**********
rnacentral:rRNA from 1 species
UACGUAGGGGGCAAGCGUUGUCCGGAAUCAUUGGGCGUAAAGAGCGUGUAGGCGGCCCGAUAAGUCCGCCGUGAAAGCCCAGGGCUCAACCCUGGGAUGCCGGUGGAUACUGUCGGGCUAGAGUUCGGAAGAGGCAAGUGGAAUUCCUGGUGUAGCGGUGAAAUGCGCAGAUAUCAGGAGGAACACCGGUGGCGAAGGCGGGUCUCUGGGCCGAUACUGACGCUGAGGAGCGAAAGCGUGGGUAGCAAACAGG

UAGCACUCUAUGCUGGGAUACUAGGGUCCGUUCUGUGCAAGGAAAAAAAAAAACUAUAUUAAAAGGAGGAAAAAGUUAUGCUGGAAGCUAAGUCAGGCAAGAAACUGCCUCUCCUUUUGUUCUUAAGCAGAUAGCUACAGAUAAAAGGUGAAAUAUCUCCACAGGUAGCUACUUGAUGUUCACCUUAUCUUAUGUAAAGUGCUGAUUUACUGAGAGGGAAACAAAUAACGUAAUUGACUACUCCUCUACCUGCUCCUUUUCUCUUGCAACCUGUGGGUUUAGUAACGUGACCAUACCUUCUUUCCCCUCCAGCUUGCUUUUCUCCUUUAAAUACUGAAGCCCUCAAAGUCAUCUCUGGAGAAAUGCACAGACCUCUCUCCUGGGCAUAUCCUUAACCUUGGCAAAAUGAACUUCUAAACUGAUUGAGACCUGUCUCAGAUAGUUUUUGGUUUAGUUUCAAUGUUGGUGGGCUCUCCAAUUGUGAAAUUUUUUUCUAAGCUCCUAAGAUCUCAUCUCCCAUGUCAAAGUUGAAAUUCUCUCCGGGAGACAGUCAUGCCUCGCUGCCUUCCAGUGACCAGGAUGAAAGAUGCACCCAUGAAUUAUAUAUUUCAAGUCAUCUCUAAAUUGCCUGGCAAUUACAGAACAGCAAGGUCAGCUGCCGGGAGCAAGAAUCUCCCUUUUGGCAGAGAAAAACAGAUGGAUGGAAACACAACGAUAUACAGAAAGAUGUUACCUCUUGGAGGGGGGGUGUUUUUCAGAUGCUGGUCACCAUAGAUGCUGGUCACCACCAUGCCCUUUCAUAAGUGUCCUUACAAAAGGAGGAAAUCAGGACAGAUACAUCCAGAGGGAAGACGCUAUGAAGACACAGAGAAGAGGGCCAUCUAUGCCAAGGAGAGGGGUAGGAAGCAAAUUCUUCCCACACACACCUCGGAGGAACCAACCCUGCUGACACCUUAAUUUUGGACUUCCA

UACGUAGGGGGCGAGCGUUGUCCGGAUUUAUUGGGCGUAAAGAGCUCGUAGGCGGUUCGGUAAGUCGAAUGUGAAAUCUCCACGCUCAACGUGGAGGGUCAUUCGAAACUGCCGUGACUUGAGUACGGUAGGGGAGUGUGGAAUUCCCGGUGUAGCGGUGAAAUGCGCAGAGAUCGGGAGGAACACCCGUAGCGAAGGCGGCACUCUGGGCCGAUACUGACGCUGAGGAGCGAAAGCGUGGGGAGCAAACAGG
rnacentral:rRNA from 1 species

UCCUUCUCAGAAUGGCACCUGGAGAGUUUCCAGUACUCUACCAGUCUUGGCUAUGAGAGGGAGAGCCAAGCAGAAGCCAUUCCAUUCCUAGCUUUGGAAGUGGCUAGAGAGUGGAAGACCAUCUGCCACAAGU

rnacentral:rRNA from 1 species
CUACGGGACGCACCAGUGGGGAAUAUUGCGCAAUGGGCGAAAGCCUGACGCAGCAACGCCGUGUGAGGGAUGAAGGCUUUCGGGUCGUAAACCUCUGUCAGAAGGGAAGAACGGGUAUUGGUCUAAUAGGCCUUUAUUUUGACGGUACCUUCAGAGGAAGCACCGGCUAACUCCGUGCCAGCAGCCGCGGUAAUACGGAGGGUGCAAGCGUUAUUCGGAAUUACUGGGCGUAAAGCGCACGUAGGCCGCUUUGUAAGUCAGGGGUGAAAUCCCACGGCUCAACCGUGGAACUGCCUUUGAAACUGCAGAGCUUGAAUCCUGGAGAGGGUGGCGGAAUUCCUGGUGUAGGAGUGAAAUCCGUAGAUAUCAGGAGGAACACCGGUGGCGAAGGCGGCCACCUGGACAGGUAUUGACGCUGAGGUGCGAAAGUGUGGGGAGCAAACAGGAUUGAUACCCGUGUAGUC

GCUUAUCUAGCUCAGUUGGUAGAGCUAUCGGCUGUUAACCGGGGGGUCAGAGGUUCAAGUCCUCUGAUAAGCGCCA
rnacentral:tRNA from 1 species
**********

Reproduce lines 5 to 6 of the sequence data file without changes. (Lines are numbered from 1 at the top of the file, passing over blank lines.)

rnacentral:rRNA from 1 species

UCCUUCUCAGAAUGGCACCUGGAGAGUUUCCAGUACUCUACCAGUCUUGGCUAUGAGAGGGAGAGCCAAGCAGAAGCCAUUCCAUUCCUAGCUUUGGAAGUGGCUAGAGAGUGGAAGACCAUCUGCCACAAGU